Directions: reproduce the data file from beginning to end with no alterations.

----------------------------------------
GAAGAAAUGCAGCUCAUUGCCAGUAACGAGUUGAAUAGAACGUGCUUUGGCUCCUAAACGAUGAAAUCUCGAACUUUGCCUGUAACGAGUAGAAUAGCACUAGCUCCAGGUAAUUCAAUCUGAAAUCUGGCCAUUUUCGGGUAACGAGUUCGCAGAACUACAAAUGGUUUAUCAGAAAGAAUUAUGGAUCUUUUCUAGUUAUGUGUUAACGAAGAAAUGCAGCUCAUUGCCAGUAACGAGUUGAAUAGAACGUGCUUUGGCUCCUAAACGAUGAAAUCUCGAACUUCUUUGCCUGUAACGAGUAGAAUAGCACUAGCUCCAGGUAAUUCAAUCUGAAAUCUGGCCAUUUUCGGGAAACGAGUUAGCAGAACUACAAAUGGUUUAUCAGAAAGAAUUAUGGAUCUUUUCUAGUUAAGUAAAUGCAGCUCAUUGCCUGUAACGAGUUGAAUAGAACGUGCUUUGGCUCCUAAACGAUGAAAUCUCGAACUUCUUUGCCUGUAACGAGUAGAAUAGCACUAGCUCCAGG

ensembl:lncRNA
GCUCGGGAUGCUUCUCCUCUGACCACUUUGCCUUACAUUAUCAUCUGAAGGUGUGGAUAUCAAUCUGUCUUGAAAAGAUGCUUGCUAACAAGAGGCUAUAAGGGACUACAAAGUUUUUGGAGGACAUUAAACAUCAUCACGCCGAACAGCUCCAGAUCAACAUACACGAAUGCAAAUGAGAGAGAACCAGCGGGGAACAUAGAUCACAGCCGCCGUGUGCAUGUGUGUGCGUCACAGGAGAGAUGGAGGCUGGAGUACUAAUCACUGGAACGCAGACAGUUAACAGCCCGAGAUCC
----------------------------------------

GAAGAAAUGCAGCUCAUUGCCAGUAACGAGUUGAAUAGAACGUGCUUUGGCUCCUAAACGAUGAAAUCUCGAACUUUGCCUGUAACGAGUAGAAUAGCACUAGCUCCAGGUAAUUCAAUCUGAAAUCUGGCCAUUUUCGGGUAACGAGUUCGCAGAACUACAAAUGGUUUAUCAGAAAGAAUUAUGGAUCUUUUCUAGUUAUGUGUUAACGAAGAAAUGCAGCUCAUUGCCAGUAACGAGUUGAAUAGAACGUGCUUUGGCUCCUAAACGAUGAAAUCUCGAACUUCUUUGCCUGUAACGAGUAGAAUAGCACUAGCUCCAGGUAAUUCAAUCUGAAAUCUGGCCAUUUUCGGGAAACGAGUUAGCAGAACUACAAAUGGUUUAUCAGAAAGAAUUAUGGAUCUUUUCUAGUUAAGUAAAUGCAGCUCAUUGCCUGUAACGAGUUGAAUAGAACGUGCUUUGGCUCCUAAACGAUGAAAUCUCGAACUUCUUUGCCUGUAACGAGUAGAAUAGCACUAGCUCCAGG

ensembl:lncRNA
GCUCGGGAUGCUUCUCCUCUGACCACUUUGCCUUACAUUAUCAUCUGAAGGUGUGGAUAUCAAUCUGUCUUGAAAAGAUGCUUGCUAACAAGAGGCUAUAAGGGACUACAAAGUUUUUGGAGGACAUUAAACAUCAUCACGCCGAACAGCUCCAGAUCAACAUACACGAAUGCAAAUGAGAGAGAACCAGCGGGGAACAUAGAUCACAGCCGCCGUGUGCAUGUGUGUGCGUCACAGGAGAGAUGGAGGCUGGAGUACUAAUCACUGGAACGCAGACAGUUAACAGCCCGAGAUCC